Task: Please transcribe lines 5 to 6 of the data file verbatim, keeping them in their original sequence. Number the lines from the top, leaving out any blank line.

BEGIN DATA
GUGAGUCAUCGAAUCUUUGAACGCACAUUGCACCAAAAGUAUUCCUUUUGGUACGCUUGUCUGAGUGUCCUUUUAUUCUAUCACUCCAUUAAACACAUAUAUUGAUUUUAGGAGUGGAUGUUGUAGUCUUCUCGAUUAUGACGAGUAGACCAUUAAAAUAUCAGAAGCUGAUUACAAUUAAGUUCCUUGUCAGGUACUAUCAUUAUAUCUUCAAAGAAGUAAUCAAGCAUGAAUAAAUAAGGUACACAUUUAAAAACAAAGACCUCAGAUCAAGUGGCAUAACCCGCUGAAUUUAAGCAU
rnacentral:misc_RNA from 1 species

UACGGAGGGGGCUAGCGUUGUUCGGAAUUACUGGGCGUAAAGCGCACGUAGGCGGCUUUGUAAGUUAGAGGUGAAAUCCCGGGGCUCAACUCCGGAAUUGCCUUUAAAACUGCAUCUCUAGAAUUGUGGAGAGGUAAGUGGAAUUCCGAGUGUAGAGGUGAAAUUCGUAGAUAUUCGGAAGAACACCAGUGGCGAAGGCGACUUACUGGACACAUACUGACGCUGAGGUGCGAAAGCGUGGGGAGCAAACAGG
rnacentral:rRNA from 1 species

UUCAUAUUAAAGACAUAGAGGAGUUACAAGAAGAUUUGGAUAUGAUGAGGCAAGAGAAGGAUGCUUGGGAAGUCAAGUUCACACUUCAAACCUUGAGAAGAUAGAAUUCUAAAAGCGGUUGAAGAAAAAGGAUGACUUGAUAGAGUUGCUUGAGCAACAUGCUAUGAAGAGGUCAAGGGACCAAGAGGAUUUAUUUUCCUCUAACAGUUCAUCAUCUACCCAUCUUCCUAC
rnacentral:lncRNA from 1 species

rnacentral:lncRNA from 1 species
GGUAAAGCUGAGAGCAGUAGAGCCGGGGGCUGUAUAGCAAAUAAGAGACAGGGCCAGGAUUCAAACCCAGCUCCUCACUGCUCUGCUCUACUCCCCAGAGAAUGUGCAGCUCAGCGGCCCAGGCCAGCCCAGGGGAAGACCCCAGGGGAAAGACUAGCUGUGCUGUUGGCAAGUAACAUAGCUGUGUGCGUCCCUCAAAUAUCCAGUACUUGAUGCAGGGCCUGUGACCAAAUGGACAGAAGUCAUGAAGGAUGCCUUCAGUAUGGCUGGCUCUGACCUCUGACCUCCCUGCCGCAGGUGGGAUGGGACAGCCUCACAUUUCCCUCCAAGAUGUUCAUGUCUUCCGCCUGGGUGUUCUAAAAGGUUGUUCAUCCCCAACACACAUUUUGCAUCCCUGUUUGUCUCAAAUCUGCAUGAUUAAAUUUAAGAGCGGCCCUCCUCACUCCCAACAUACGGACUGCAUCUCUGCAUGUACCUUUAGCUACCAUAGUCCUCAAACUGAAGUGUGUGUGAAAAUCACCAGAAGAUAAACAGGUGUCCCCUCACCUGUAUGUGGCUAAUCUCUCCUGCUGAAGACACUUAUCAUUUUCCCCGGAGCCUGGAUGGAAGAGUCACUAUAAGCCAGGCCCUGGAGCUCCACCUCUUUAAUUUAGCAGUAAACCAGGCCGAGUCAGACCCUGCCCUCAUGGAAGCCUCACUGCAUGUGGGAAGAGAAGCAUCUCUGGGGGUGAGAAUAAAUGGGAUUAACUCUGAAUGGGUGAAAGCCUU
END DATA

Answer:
UUCAUAUUAAAGACAUAGAGGAGUUACAAGAAGAUUUGGAUAUGAUGAGGCAAGAGAAGGAUGCUUGGGAAGUCAAGUUCACACUUCAAACCUUGAGAAGAUAGAAUUCUAAAAGCGGUUGAAGAAAAAGGAUGACUUGAUAGAGUUGCUUGAGCAACAUGCUAUGAAGAGGUCAAGGGACCAAGAGGAUUUAUUUUCCUCUAACAGUUCAUCAUCUACCCAUCUUCCUAC
rnacentral:lncRNA from 1 species